“We are pro-diversity”
TUMstudinews: What is “barrier-free studying” all about?
Alain Kathola: For me, barrier-free studying means that TUM should help students who are disabled or chronically ill to complete a course of studies – if possible – without any problems. “Barrier-free” has, of course, many meanings. There are visible and invisible barriers that need to be eliminated. The issue is not about comprehensive rebuilding measures throughout the university buildings or about providing material we are not familiar with.
So it is those who are affected who have to express their needs themselves?
Autonomy is very important. Those who are affected have to contact us, to explain their situation and express what they need. Then, we consider what measures can be taken, involving the examination committees, the contact persons, the lecturers, and – most importantly – the affected peoples themselves.
I imagine that someone who is dependent on a wheelchair could, for instance, be assigned a caretaker…
That depends. I remember a client I had in 2008. He was a student of Chemistry in Garching. We took a look at the facilities together and he didn’t need any help at all. He wanted to do it all by himself. Someone like that doesn’t need assistance. Then, there was a student of Computer Science who asked whether someone could help him when it was snowing, as he was dependent on a wheelchair. Then, the faculty’s contact person regularly accompanied him from the subway station to the faculty.
Who exactly belongs to those who are affected?
There are various impairments. In 2012, the Studentenwerk published a study listing the various impairments, distinguishing between aspects of limited mobility and psychosomatic or psychiatric issues.
Is, for example, depression an issue as well?
Yes, definitely. Here, it is important to understand what a chronic disease is all about. This applies if an impairment lasts for more than six months. In this case, there is, so to speak, an invisible barrier. It isn’t easy to recognize whether a person is suffering from depression.
As this is so hard to tell, how can you provide support for someone who is suffering from depression?
He or she could, for example, ask for an extension of the examination period – a reduction of the workload in the course of studies, compared to his or her fellow students. A study consultant can help as well. If someone has Chron’s disease, for example, it is also possible to apply for an extension of the exam duration, as those who are affected often have to leave the room during an examination. There has to be some measure to make up for the impairment, or you’re automatically disadvantaged.
How many affected persons are there at TUM at the moment?
We don’t keep statistics, and we wouldn’t be allowed to – but there are more people who are struggling with invisible impairments than one might think. There is a study of the “Deutsches Studentenwerk” from the year 2012, stating that about eight percent of the students in Germany have some kind of impairment. This is quite a large number. You can imagine how many persons concerned there are at TUM.
At TUM, what are the areas that need special attention?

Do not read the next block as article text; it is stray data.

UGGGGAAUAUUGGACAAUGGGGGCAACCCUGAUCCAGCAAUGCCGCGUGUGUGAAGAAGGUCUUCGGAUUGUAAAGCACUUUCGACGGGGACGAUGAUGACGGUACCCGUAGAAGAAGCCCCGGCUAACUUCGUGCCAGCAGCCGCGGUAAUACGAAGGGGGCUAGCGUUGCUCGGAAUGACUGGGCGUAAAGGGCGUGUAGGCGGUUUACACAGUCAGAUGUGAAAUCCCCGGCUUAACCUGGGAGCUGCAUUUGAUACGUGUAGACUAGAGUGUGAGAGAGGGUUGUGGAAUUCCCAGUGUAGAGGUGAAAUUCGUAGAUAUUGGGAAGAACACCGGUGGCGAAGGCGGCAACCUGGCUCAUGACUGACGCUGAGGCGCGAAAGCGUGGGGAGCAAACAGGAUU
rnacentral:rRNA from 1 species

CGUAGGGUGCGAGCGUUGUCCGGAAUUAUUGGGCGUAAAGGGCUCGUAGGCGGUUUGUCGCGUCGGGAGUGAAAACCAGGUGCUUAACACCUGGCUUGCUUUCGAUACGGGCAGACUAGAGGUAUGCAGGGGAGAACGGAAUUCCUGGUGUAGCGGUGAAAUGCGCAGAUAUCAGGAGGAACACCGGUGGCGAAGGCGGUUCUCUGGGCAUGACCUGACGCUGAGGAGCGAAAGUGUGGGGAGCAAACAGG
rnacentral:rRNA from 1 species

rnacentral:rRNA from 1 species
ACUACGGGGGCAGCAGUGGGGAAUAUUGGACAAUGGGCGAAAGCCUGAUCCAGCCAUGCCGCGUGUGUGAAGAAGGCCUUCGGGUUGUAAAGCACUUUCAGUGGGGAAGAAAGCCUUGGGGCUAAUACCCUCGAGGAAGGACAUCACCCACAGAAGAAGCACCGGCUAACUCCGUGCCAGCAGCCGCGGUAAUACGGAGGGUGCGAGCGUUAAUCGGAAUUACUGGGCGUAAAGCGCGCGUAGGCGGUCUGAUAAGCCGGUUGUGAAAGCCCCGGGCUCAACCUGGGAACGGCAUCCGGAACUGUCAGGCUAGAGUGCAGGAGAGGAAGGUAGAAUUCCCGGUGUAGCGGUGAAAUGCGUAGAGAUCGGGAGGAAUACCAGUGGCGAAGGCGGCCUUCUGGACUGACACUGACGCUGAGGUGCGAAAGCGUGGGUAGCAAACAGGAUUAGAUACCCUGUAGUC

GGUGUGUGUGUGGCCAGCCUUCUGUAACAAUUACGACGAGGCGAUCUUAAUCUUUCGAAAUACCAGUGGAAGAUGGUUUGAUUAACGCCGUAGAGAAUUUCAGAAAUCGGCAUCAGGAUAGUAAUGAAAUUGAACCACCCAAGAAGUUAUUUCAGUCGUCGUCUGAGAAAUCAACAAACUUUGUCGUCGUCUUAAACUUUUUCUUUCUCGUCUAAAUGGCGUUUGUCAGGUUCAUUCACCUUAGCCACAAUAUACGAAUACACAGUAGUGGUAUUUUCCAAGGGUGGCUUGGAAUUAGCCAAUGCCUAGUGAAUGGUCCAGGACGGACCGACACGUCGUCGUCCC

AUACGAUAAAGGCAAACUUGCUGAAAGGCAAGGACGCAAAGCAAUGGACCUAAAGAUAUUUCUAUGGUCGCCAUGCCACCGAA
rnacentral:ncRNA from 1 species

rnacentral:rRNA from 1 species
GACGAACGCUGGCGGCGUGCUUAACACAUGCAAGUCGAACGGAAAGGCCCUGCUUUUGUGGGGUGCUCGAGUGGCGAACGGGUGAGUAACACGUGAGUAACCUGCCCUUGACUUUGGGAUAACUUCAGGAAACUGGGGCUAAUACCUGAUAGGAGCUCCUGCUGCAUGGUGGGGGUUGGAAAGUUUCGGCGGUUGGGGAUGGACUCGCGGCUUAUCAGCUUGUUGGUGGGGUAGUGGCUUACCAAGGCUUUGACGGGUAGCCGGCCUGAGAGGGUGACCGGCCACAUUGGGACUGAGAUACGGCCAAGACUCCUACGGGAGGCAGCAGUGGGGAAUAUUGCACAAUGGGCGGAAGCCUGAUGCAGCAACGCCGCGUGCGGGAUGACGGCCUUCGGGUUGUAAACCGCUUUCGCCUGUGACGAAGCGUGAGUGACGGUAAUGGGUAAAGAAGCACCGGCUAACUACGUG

My clients are suffering from various disabilities, so we can’t really say that the people affected are in specific need for this or that. It really depends… But I think it’s a good thing that TUM has created this position, as a means to emphasize that we are pro-diversity. Of course, those who are affected have to be able to pass their exams on their own and to knuckle down, nonetheless.
What are your tasks at the service office?
There are several different tasks. I have to talk to people, to listen to their story and figure out how I can provide support – and I am able to rely on the “Klinikum rechts der Isar”, with which we have a well-functioning cooperation. The support of the examination committees and the faculties’ contact persons is very important as well. At TUM, every faculty has its own contact person for the disabled and the chronically ill. Thus, we are very well organized when it comes to solving the problems of those who are affected.
Do you have a lot to do?
Yes – and I must say that it is often past high time to take action when the people concerned turn up on my doorstep, meaning that they often had to endure enormous difficulties already. It’s quite troublesome to overcome the hurdle of coming out and asking us for help. If they address us, the problem is simply too big for them to solve it on their own – otherwise, they would have done so already. That’s my job.
Can you rely on support from within TUM?
Yes, definitely! There are the counseling and educational programs, and I would also like to mention my colleague Prof. Dr. Diepold. Being the TUM’s commissioner for persons with disabilities and chronic illnesses, he represents their needs on the level of university politics. I often need his help in connection with special cases or with bureaucratic matters. He is of so much help for me and my work here at the service office.
Does every university have a service office like this?
With regard to the aspect of inclusion, every university should at least have a point of contact for the disabled and the chronically ill.
(Interview: Verena Pongratz)
Alain M. G. Kathola was born in Kinshasa (Congo). He has been living in Germany for 25 years, and he studied Pedagogy, Psychology, and Sociology at the LMU München 15 years ago. Contact: Service Office for Disabled and Chronically Ill Students